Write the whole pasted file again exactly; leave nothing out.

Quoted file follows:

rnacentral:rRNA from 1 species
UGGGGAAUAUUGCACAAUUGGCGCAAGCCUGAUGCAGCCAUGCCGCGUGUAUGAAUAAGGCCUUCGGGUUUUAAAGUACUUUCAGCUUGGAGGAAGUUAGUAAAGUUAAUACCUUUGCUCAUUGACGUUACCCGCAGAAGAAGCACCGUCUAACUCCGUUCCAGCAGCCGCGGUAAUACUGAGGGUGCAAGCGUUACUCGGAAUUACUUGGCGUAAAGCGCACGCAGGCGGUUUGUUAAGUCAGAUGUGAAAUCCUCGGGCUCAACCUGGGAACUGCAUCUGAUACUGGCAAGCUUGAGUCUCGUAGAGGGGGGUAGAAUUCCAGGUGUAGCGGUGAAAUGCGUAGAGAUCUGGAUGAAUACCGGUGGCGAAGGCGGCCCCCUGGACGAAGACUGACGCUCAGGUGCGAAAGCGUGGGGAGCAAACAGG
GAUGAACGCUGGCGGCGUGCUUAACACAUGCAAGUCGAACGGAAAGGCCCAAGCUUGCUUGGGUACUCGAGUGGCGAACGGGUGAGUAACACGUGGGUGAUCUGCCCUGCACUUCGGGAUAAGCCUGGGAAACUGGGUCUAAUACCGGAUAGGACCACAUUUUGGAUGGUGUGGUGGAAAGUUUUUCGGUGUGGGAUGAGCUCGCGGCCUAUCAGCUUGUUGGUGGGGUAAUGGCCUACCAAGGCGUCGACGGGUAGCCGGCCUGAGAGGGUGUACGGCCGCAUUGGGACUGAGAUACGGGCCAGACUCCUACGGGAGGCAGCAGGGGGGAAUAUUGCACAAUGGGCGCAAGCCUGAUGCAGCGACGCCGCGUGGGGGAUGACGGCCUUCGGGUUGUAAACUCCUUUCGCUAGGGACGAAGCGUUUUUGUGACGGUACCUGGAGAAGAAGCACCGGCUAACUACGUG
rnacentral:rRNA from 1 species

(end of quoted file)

rnacentral:rRNA from 1 species
UGGGGAAUAUUGCACAAUUGGCGCAAGCCUGAUGCAGCCAUGCCGCGUGUAUGAAUAAGGCCUUCGGGUUUUAAAGUACUUUCAGCUUGGAGGAAGUUAGUAAAGUUAAUACCUUUGCUCAUUGACGUUACCCGCAGAAGAAGCACCGUCUAACUCCGUUCCAGCAGCCGCGGUAAUACUGAGGGUGCAAGCGUUACUCGGAAUUACUUGGCGUAAAGCGCACGCAGGCGGUUUGUUAAGUCAGAUGUGAAAUCCUCGGGCUCAACCUGGGAACUGCAUCUGAUACUGGCAAGCUUGAGUCUCGUAGAGGGGGGUAGAAUUCCAGGUGUAGCGGUGAAAUGCGUAGAGAUCUGGAUGAAUACCGGUGGCGAAGGCGGCCCCCUGGACGAAGACUGACGCUCAGGUGCGAAAGCGUGGGGAGCAAACAGG
GAUGAACGCUGGCGGCGUGCUUAACACAUGCAAGUCGAACGGAAAGGCCCAAGCUUGCUUGGGUACUCGAGUGGCGAACGGGUGAGUAACACGUGGGUGAUCUGCCCUGCACUUCGGGAUAAGCCUGGGAAACUGGGUCUAAUACCGGAUAGGACCACAUUUUGGAUGGUGUGGUGGAAAGUUUUUCGGUGUGGGAUGAGCUCGCGGCCUAUCAGCUUGUUGGUGGGGUAAUGGCCUACCAAGGCGUCGACGGGUAGCCGGCCUGAGAGGGUGUACGGCCGCAUUGGGACUGAGAUACGGGCCAGACUCCUACGGGAGGCAGCAGGGGGGAAUAUUGCACAAUGGGCGCAAGCCUGAUGCAGCGACGCCGCGUGGGGGAUGACGGCCUUCGGGUUGUAAACUCCUUUCGCUAGGGACGAAGCGUUUUUGUGACGGUACCUGGAGAAGAAGCACCGGCUAACUACGUG
rnacentral:rRNA from 1 species